‘Malta’s hard-earned neutrality, which is a bedrock of our Constitution, was conceived first and foremost for dark times like these.’

These words can be found in an open letter sent to the Prime Minister and Home Affairs Minister in response to reports that Malta may be participating in the EU Naval Operation in the Red Sea. Not with a warship or boarding teams, mind you, but with a single staff officer at the Operational HQ in Greece. The signatories to this letter include NGOs and individuals. Among the latter are the Labour and union relics Marie Louise Coleiro Preca and Sammy Meilaq.

This particular letter is wrong on so many levels that it is hard to know where to begin. Let us start from our ‘hard-earned neutrality’. Rather than being part of the ‘bedrock of our Constitution’, it was actually a Johnny-come-lately amendment added 23 years after the Constitution was initially drafted. Hard-earned it was: it was one of the concessions demanded by Karmenu Mifsud Bonnici in return for accepting that the simple democratic concept of majority rule (so recently misquoted by the PM in reference to the selection of the next President) should also be enshrined in our basic law.

Until that time, Malta had been anything but neutral. Perhaps the persons mentioned above have forgotten the supply of weapons and military instructors by North Korea? Or the presence of Libyan military personnel and helicopters in Malta? Or our renewed love affair with the Italian military as soon as our relationship with Libya broke down over oil exploration rights? All of these happened while they were intimately involved in the politics of our island.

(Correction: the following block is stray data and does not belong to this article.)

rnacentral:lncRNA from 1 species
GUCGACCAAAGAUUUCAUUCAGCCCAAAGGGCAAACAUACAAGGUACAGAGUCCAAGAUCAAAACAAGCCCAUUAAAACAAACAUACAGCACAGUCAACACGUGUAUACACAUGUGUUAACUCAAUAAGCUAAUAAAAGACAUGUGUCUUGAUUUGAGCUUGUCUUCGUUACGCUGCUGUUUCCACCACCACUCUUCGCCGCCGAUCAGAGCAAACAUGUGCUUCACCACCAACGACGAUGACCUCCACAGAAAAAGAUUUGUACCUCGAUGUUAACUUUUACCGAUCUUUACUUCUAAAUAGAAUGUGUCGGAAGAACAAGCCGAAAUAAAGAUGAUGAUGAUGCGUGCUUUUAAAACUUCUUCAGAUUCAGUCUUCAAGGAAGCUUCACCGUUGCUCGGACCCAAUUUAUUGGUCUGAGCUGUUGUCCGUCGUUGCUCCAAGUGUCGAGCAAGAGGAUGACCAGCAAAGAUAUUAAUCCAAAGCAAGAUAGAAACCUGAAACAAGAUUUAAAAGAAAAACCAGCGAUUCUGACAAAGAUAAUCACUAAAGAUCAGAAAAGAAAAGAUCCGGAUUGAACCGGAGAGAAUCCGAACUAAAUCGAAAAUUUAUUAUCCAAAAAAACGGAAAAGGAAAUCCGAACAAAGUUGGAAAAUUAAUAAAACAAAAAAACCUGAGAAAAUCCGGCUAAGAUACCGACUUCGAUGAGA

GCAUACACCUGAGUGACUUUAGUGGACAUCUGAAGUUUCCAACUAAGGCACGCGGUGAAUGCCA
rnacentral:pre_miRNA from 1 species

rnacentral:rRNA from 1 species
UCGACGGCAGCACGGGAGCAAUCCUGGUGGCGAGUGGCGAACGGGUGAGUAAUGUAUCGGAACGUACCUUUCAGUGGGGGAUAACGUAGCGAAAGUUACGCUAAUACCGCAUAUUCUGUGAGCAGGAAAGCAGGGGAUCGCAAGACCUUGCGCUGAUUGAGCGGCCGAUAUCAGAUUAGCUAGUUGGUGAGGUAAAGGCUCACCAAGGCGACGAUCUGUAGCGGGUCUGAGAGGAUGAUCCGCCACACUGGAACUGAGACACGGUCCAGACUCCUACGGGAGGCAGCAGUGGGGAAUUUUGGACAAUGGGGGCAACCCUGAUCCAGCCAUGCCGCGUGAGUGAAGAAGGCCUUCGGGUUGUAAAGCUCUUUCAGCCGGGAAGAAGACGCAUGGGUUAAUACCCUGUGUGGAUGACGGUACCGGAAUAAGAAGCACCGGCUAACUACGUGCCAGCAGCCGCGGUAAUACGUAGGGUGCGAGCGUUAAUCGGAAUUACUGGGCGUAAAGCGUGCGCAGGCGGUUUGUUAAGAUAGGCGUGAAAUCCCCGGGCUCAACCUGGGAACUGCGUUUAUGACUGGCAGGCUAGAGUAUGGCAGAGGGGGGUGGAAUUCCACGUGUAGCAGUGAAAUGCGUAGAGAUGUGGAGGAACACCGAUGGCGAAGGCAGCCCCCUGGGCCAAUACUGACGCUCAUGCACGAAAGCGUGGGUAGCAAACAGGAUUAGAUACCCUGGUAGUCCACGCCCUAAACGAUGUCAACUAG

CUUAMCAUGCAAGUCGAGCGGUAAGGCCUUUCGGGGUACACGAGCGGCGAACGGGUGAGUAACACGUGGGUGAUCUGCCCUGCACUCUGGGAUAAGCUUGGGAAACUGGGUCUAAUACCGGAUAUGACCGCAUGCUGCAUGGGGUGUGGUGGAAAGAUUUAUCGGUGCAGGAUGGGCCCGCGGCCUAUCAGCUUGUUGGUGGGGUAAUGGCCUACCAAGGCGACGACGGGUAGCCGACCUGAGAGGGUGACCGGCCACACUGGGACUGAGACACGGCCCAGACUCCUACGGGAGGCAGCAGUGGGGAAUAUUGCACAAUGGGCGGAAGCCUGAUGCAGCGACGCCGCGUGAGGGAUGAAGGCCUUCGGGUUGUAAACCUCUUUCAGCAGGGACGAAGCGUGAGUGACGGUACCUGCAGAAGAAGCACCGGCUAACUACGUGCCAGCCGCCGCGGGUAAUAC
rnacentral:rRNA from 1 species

The neutrality added to our Constitution was a poorly-drafted, dated concept that referred to two superpowers. Nobody at the time had the imagination to conceive that, less than a decade later, one of those superpowers would lie in ruins.

Now the neutrality clause has become something else. It has become a shield, not against external aggression, but against the need to stand up and be counted and to speak out in favour of what is right.

Back to the letter. The signatories are certainly playing the role of useful idiots for the Houthis and their Iranian overlords. How attacking shipping in the Red Sea materially contributes to alleviating the suffering of the Palestinians in Gaza and beyond is unclear but tying the two issues together certainly sounds good in certain quarters. The reality is that the attacks are indiscriminate and intended to generate regional instability, nothing more, nothing less. The fact that the perpetrators of these attacks are responsible for the deaths of thousands of innocent civilians in Yemen should not and does not justify Israeli actions against Palestinian civilians. But neither should it be forgotten. Nor should the fact that innocent seafarers are having their lives and livelihoods put at risk, regardless of whether they are carrying ammunition, washing machines or grain intended to feed the starving.

One of the most recent Houthi attacks targeted a ship carrying food aid to Aden. Unlike the persons who put their name to this letter, I have recent experience of working in Yemen and am keenly aware of the abject misery and hunger that stalks the majority of the population. But apparently safeguarding the shipping that feeds hungry mouths is in violation of our Constitution. The same disruption has impacted food supplies to the needy in Sudan and across the region. These are not supplies that can conveniently be dispatched around the Cape of Good Hope.

Neither, apparently, should we lift a finger to prevent vessels loaded with oil and other dangerous cargos from being sunk in the shallow waters of the southern Red Sea. Yes, such pollution will plunge coastal communities that depend on fishing into even greater misery. But apparently that is acceptable as long as we respect a bunch of long-defunct and dishonestly drafted words in our Constitution.

Sitting in ivory towers, penning grandiose letters that cite constitutional issues is very easy. But it betrays an absolute disconnect of the writers from the real world.